For eclipse chasers, of course, this all provides a bit of a recipe for finding the longest totality. As with our experience in Baja, finding a point where your speed is as fast as possible relative to the shadow’s is essential. For most of us, this means finding a point near to the equator. But there are other ways to do it—in a now-legendary (and perhaps never to be repeated) story from in 1973, a group of eclipse chasers did the ultimate, commandeering a prototype of the Concorde and chasing the moon’s shadow across most of Africa at above the speed of sound. This amazing feat, which resulted in a mind-blowing 74-minute experience of totality, was captured in a short and fascinating French-language documentary clip. This is the stuff that eclipse chasers can only dream of, despite their attempts to do similar things. It makes for some legendary images as well.
The cool thing about this eclipse was that there were so many observers, which permitted many things that have rarely been possible otherwise. Some of the observers were in space, which made for some amazing shots, including this one from NASA, in which you can see the shadow pass across the whole US.
If the difference in rate we perceived is because of something other than mere perception and psychology (indeed, those may turn out to be the crowning aspects overall), it’s definitely more complicated. Two possible other factors that could be at play are the difference in our location relative to the centerline between the two eclipses and the effect of the Moon’s apparent size relative to the Sun. Some of this boils down to surprisingly arcane geometry, and I’m still working both of these ideas through somewhat—stay tuned for more thoughts in an epilogue post!
Coronal predictions are improving
One interesting thing about this eclipse was the fact that there were some notable coronal predictions ahead of time, and they were generally fairly good. Check out the comparison between the latest prediction before the 21st and the corona itself. Not too shabby—the similarities are definitely there…
One other thing that was quite notable about this eclipse was the fact that there were prominences, but that they weren’t readily apparent to the naked eye. At very first glance, I thought I saw a very apparent prominence, but I was mistaken—the perception of the eclipse with the naked eye was primarily one of black disc and feathery corona. However, through binoculars or a telescope, a number of prominences were quite visible, including many in a closely connected line along the sun’s perimeter.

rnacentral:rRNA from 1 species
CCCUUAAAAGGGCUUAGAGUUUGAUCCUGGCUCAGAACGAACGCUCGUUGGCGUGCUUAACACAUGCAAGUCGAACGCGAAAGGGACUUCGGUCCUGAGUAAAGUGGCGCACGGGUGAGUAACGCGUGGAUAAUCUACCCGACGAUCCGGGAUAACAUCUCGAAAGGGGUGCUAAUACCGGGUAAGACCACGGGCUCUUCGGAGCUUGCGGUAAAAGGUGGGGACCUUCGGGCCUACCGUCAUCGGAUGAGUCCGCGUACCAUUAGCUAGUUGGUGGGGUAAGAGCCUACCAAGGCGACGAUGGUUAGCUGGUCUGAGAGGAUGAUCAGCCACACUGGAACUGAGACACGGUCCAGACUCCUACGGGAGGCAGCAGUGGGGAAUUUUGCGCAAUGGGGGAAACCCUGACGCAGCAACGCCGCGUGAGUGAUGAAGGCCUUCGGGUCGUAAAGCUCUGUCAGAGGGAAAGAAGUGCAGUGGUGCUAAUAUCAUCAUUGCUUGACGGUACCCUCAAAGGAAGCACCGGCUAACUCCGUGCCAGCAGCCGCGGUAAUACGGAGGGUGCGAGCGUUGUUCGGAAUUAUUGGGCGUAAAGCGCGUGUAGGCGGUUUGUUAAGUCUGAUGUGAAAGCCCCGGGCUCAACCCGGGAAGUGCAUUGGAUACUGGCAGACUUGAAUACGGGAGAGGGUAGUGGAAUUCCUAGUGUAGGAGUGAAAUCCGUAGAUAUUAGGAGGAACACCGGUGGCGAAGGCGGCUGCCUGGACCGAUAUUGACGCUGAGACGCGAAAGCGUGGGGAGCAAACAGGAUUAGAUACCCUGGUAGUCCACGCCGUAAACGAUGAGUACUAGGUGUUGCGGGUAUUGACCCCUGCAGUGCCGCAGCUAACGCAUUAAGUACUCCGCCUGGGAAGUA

Prominences are fascinating and complex, and are closely associated with sunspot activity among other things, and we had some interesting luck this year. Despite the fact that we’re very near the 11-year solar minimum of sunspot activity, a new sunspot group appeared just prior to the 21st—Sunspot 2671 came into view on Aug. 14 and the 27-day rotation period of the Sun made it move into just the right position that we were able to see it during the partial phases of this eclipse.
Tracking totality—in total
The flares and prominences, as well as the corona, change and evolve across the course of totality. These changes can be essential to understanding solar activity, but are generally almost impossible to observe during the fleeting moments of coverage. This eclipse was different, though. Citizen astronomers across the country banded together to form the Citizen Continental-America Telescopic Eclipse Experiment (CATE), in which they organized and crowd-sourced video from a series of carefully calibrated and positioned telescopes at 50-mile increments along the path of totality. While they will be assembling and studying the resulting video for years, the first cut was just released, and it’s amazing to see, even if grainy and in its first stages. More evidence as we continue our drive back north that this was truly an eclipse to remember.